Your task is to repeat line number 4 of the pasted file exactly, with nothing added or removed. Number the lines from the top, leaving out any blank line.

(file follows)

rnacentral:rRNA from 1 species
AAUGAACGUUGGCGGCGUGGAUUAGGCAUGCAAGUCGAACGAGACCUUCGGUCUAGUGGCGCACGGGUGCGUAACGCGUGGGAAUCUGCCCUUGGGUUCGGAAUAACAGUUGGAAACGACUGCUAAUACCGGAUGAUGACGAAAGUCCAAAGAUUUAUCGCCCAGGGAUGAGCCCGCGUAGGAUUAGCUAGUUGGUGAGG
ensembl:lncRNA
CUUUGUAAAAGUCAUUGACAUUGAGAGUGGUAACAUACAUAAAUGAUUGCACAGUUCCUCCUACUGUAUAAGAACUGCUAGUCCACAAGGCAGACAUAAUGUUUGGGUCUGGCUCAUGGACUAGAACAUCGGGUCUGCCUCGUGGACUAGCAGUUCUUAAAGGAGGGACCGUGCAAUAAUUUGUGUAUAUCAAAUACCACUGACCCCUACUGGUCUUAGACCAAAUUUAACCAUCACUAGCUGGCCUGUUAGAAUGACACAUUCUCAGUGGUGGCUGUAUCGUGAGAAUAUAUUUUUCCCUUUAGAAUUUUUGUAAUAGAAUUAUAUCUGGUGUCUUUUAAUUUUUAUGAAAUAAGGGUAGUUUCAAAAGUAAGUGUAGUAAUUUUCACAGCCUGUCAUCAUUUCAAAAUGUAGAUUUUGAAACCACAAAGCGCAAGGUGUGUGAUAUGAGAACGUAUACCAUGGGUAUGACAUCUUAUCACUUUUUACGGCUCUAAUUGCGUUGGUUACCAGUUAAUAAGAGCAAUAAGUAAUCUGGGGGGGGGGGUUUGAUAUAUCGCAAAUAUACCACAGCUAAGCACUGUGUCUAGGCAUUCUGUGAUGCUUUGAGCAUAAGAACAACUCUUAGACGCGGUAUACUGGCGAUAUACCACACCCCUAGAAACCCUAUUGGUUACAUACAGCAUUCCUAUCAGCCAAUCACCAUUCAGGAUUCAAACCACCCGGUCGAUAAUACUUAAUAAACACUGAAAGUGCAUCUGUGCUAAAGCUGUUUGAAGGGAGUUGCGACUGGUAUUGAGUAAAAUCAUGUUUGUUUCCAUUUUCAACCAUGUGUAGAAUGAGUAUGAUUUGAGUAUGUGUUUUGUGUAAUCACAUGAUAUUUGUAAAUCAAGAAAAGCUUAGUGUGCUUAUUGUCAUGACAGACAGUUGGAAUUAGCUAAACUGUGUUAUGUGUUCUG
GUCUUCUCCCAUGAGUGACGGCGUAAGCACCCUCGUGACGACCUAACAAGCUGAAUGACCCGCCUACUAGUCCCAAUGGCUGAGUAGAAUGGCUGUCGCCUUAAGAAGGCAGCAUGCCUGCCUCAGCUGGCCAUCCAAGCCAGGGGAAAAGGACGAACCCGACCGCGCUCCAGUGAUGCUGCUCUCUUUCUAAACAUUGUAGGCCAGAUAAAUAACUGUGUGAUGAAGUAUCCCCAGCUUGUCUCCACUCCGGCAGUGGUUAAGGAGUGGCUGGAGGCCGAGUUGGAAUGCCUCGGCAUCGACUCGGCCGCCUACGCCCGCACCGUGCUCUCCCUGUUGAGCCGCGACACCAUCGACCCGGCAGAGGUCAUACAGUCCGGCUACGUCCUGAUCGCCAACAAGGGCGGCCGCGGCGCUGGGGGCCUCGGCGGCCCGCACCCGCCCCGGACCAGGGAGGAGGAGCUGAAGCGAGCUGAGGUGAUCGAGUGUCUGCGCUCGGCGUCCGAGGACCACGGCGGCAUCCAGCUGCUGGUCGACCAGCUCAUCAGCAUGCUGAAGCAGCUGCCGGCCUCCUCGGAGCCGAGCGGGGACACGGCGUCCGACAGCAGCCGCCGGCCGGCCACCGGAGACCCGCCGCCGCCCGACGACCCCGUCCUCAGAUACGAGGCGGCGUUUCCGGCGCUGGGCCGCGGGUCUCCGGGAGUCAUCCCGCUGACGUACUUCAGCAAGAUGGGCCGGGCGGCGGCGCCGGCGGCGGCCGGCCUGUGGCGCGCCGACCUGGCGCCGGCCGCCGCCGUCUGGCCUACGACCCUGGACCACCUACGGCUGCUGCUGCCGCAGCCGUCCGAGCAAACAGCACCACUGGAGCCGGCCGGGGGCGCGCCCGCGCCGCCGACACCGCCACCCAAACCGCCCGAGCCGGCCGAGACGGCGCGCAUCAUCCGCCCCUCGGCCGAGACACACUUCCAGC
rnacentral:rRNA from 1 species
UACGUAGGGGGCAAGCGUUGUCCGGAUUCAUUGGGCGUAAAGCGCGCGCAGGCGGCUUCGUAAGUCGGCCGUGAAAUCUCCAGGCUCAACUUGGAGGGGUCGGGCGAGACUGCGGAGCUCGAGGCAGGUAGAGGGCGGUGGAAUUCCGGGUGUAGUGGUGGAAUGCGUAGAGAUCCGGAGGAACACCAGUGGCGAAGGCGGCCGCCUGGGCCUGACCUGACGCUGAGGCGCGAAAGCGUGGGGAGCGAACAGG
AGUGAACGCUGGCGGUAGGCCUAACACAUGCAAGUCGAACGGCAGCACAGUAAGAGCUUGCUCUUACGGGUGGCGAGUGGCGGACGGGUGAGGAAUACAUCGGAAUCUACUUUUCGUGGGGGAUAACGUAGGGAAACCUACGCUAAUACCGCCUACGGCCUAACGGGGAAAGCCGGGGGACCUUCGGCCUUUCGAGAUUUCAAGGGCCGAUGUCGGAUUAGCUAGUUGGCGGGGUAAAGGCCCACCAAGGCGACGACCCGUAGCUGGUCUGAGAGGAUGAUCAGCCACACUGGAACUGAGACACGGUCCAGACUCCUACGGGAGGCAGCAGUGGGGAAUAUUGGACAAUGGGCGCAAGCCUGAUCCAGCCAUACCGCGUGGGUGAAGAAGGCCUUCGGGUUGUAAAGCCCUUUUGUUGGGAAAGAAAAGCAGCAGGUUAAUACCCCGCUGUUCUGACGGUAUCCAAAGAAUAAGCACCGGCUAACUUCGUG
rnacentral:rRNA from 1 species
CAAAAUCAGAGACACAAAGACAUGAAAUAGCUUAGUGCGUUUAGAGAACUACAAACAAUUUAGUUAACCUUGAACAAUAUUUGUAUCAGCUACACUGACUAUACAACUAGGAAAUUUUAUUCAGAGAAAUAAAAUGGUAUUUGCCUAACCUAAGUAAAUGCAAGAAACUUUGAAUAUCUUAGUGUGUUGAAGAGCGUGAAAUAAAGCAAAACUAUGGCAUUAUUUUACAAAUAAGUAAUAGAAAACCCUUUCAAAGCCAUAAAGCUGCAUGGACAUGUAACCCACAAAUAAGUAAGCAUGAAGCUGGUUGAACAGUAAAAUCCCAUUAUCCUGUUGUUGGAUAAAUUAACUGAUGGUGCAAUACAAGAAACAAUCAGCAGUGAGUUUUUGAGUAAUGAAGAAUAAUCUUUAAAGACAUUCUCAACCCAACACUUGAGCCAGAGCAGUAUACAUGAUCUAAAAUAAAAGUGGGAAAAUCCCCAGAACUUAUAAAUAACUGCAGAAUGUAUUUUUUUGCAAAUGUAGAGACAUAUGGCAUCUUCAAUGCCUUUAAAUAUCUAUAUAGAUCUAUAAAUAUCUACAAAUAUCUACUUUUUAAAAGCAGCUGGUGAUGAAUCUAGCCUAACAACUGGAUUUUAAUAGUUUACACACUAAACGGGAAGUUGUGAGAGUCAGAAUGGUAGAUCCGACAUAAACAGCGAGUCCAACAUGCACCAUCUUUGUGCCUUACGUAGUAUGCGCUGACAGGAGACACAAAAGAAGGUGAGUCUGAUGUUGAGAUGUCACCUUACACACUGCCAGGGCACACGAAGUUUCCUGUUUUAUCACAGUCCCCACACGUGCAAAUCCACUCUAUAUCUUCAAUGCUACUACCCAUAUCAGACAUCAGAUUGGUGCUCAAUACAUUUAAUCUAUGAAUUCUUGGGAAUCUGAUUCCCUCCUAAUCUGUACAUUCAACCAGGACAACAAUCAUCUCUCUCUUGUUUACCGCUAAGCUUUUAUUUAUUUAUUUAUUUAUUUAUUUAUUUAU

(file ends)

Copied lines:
CUUUGUAAAAGUCAUUGACAUUGAGAGUGGUAACAUACAUAAAUGAUUGCACAGUUCCUCCUACUGUAUAAGAACUGCUAGUCCACAAGGCAGACAUAAUGUUUGGGUCUGGCUCAUGGACUAGAACAUCGGGUCUGCCUCGUGGACUAGCAGUUCUUAAAGGAGGGACCGUGCAAUAAUUUGUGUAUAUCAAAUACCACUGACCCCUACUGGUCUUAGACCAAAUUUAACCAUCACUAGCUGGCCUGUUAGAAUGACACAUUCUCAGUGGUGGCUGUAUCGUGAGAAUAUAUUUUUCCCUUUAGAAUUUUUGUAAUAGAAUUAUAUCUGGUGUCUUUUAAUUUUUAUGAAAUAAGGGUAGUUUCAAAAGUAAGUGUAGUAAUUUUCACAGCCUGUCAUCAUUUCAAAAUGUAGAUUUUGAAACCACAAAGCGCAAGGUGUGUGAUAUGAGAACGUAUACCAUGGGUAUGACAUCUUAUCACUUUUUACGGCUCUAAUUGCGUUGGUUACCAGUUAAUAAGAGCAAUAAGUAAUCUGGGGGGGGGGGUUUGAUAUAUCGCAAAUAUACCACAGCUAAGCACUGUGUCUAGGCAUUCUGUGAUGCUUUGAGCAUAAGAACAACUCUUAGACGCGGUAUACUGGCGAUAUACCACACCCCUAGAAACCCUAUUGGUUACAUACAGCAUUCCUAUCAGCCAAUCACCAUUCAGGAUUCAAACCACCCGGUCGAUAAUACUUAAUAAACACUGAAAGUGCAUCUGUGCUAAAGCUGUUUGAAGGGAGUUGCGACUGGUAUUGAGUAAAAUCAUGUUUGUUUCCAUUUUCAACCAUGUGUAGAAUGAGUAUGAUUUGAGUAUGUGUUUUGUGUAAUCACAUGAUAUUUGUAAAUCAAGAAAAGCUUAGUGUGCUUAUUGUCAUGACAGACAGUUGGAAUUAGCUAAACUGUGUUAUGUGUUCUG